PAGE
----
I think I may need to read more of these just to get a handle on if the self-loathing is a flaw the character overcomes, or if it really is the author giving us his worldview. It seems like an odd reason to follow a series, but otherwise it’s better than many of the cozy mysteries I’ve been reading recently. It makes a great counterpoint to Phyrne Fisher, with her boundless optimism in her own capacities, wealth and luxury, for example.
32: Cocaine blues by Kerry Greenwood
I listened to this to prepare for the ABC TV Series. I notice a lot of other people have reviewed it, so here are some book club discussion questions instead.
33: The sketch-book of Geoffrey Crayon, Gent. by Washington Irving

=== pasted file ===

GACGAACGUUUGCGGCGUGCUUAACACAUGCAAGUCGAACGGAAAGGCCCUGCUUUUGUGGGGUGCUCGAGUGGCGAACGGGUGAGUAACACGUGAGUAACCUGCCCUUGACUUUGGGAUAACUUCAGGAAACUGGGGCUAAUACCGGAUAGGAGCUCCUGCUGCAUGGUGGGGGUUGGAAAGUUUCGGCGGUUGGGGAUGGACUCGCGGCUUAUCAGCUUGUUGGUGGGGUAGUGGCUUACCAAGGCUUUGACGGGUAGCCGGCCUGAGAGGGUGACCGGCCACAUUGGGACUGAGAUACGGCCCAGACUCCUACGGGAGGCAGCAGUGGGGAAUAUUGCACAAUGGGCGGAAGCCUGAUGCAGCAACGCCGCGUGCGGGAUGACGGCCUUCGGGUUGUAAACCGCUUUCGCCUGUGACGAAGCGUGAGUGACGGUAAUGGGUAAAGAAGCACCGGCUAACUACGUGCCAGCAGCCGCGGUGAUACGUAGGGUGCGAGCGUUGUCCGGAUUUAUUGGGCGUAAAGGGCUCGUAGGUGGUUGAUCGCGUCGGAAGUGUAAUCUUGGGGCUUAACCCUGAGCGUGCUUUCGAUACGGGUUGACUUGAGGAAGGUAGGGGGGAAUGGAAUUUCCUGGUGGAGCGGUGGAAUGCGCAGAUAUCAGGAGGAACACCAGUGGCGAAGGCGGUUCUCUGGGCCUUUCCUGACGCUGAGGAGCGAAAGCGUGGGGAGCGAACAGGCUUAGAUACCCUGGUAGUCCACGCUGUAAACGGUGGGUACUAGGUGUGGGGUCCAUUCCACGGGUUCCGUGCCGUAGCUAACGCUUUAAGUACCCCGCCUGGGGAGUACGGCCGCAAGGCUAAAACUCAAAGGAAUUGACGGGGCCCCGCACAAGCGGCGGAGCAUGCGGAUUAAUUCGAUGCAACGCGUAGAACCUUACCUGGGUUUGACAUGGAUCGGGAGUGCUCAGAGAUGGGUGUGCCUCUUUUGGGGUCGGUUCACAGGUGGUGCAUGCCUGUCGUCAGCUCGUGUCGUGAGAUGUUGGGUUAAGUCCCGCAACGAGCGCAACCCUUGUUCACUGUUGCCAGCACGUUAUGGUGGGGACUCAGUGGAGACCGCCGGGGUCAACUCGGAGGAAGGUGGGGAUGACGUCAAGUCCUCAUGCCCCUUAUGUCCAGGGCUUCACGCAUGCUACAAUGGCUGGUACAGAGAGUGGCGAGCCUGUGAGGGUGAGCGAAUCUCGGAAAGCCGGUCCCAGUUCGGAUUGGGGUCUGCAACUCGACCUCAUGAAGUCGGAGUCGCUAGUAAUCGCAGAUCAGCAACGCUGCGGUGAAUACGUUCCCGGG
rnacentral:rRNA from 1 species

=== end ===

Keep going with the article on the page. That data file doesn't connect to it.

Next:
Reviewed at unnecessary length in a previous post.
34: The sinking of the Titanic and great sea disasters
This Librivox recording (from a public domain book) is primarily interesting for the construction of masculinity it contains. It is heavily of the opinion that “Women and children first”, which was apparently an order not usually given before this accident, is an example of Christian charity and European masculinity that should be lauded.
On the racial angle, Chinese people, black people, Italians and so on, in the book, simply don’t seem to understand why a white officer is threatening to shoot them in the face if they try and get on the lifeboats. On a deeper level, all of the rich men are offered places on the first boats. Most decline, but it does seem to be “Women, children and the very rich men first.” There’s a story of a black stoker who is shot because an officer thinks he is trying to sneak up on the radio operator to kill him and take his life preserver. This leads to the interesting and obvious question: why did this black crewman not have a life preserver already?